Had Twain or Stowe heard the term “mission statement” in their lifetimes, they probably would have regarded it as Continue reading

Video: “Every Student Succeeds Act” Overview

In this 3:38 video, Education Week’s Alyson Klein provides an overview of the changes brought by the Every Student Succeeds Act (ESSA), which replaces No Child Left Behind (NCLB) in the 2017-18 school year.  Responsibilities for performance, curriculum, and testing shift from the federal government to the states.  For museums and historic sites, that means that your local school district may be adopting new standards of learning, which could prompt you to revise your school programs.  States are required to adopt “challenging” academic standards, which could be Common Core but it isn’t required.  For more details, take a look at Education Week’s written summary or the analysis in The Atlantic.

 

Looking for Exhibit Ideas? Check Out These Online Files

Exhibit Files 2016Looking for an idea for an upcoming exhibit? Need some alternatives for an interactive activity? Want to know if anyone else has installed an outdoor exhibit at a bus station? You’ll want to explore “Exhibit Files,” a free online collection of exhibition records and reviews for exhibit designers and interpretive planners.  The Association of Science-Technology Centers launched this website in 2007 with funding from the National Science Foundation, but despite those affiliations, you’ll find plenty of files related to history, including a case study of Lewis & Clark (the national Bicentennial exhibition); a review of Terror House in Budapest by Daniel Spock of the Minnesota Historical Society; and a case study of a low-tech document-based interactive exhibit at the Missouri State Archives. Because most exhibit techniques can be used with any subject, you can adapt many ideas for your specific needs. The files can be searched by title, date, tag, or topic (such as history or architecture).   And if you have an exhibit experience to share or you’re looking to solve a problem, you can join for free and become one of the nearly 3,000 members.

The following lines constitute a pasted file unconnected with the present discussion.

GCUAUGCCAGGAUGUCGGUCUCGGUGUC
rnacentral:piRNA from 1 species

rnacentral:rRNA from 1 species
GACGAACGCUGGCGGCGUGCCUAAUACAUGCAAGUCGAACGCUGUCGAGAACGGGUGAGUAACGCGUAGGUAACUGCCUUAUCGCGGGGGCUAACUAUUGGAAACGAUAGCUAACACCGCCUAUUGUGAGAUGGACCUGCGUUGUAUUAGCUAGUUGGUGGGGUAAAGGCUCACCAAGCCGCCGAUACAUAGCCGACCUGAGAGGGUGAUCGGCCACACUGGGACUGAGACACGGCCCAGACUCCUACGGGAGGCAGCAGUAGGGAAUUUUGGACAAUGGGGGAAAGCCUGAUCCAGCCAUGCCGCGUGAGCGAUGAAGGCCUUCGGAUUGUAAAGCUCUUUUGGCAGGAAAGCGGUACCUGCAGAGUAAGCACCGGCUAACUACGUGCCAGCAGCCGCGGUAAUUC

Webinar: The Five Forces Affecting House Museums

Five Forces 2015This Friday, April 8, I’ll be discussing the five forces facing historic house museums in a free webinar hosted by the Wisconsin Historical Society.  It’s based on simple and incredibly useful framework developed by Michael Porter at the Harvard Business School more than 30 years ago but little known outside the corporate business world. I’ll not only examine how the five forces are affecting history museums and historic sites on a national level, but how we can harness those five forces to improve and enhance tours, events, and other public programs.  The webinar starts at 10:30 am Central/11:30 am Eastern for about an hour with time for questions and discussion. Registration is free and available online but limited to 100 people (and you don’t have to be from Wisconsin!).